If your tan is green because the product has oxidized or is out of date, and you are green all over, it might seem impossible that a shower will wash it off. Whilst there is a slight risk of an olive color staying behind, the vibrant green will wash off, because it comes mainly from the cosmetic layer of color.
Remember that whilst the DHA will not develop into a green color, meaning that your tan should become brown after you shower off the product, the DHA might have weakened if the product is past its expiry date. This will result in a less deep brown than you were expecting.
If you have green patches from the product reacting with deodorant, perfume, or lotion on the skin, the best thing to do is wash it off with soap. Luckily, it is as simple as that!
How Can I Stop My Self Tanner Going Green?
You’ll be happy to hear that there are some simple solutions to prevent fake tan turning green. If we look at the causes individually, we can find prevention methods for each.
The most obvious solution to stop self-tanner turning green is to make sure you use the product within the time period before the expiration date. Most fake tan products last for between six months and one year, but there should be a specific date on the bottle.
If you have visited a salon and think the spray they used was out of date, you can return to ask them. As I mentioned earlier, this will be rare, especially in busy salons, but it is possible. If they discover that the spray tan they used on you was in fact out of date, they should offer you a freebie as an apology, so it’s worth going back to check.
If you’re keeping bottles of self-tanner at home, make sure you store them correctly to prevent it turning green. Remembering that the green color can be a result of oxidization, it is highly important to keep lids tightly sealed on your bottles, to stop air getting in.
It is also a good idea to store self-tanner in a cool, dark, and dry place. A dark cupboard in your bedroom would be a great option. Stopping the product from overheating will greatly help to increase its lifetime.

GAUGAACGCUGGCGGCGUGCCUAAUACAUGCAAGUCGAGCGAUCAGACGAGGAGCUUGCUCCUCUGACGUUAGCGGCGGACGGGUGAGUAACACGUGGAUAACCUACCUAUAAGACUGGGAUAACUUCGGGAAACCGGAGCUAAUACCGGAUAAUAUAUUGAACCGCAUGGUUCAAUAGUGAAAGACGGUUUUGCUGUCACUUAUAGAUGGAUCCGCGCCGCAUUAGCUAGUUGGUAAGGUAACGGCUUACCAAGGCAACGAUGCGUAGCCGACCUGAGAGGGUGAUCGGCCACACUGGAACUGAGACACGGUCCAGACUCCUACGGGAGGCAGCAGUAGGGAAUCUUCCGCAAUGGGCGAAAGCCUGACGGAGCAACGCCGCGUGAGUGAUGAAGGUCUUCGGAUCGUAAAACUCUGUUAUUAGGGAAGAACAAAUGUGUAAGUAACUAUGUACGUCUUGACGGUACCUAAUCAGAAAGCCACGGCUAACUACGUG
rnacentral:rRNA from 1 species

Finally, make sure you prepare your skin properly to avoid any green patches arising after using self-tanner. This means washing off any products from your skin (including makeup, deodorant and perfume) prior to applying fake tan.
You should also always exfoliate your skin the day before using self-tanner, to remove any dead skin cells. Whilst you absolutely should keep your skin hydrated with a high-quality lotion after exfoliation, make sure you wash it off before applying the tanning product.
Will My Tan Still Work if It’s Green?
In the majority of cases, yes, your tan will still work if it’s green. The green color should wash off with the cosmetic layer in the shower, and the DHA component should continue to develop, leaving you with a tan.
It is important to remember, however, that if the product has expired, the DHA will be weaker, so the tan may not be as deep as you had hoped for.
How Do You Know if Sunless Tanner is Expired?
You should be able to tell by the color of the product. If the product is green, it’s definitely time to replace the bottle. Expired sunless tanner can also lose all color, if even the green has broken down.
Remember that most self-tanners expire after six months to a year, so even if you don’t see a green color, it’s worth replacing the bottle if it’s been sitting there for a long time.